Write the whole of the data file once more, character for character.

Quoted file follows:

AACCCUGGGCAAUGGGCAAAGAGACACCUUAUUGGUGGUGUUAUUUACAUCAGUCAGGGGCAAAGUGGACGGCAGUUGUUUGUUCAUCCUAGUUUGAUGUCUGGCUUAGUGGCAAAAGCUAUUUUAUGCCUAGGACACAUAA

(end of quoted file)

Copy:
AACCCUGGGCAAUGGGCAAAGAGACACCUUAUUGGUGGUGUUAUUUACAUCAGUCAGGGGCAAAGUGGACGGCAGUUGUUUGUUCAUCCUAGUUUGAUGUCUGGCUUAGUGGCAAAAGCUAUUUUAUGCCUAGGACACAUAA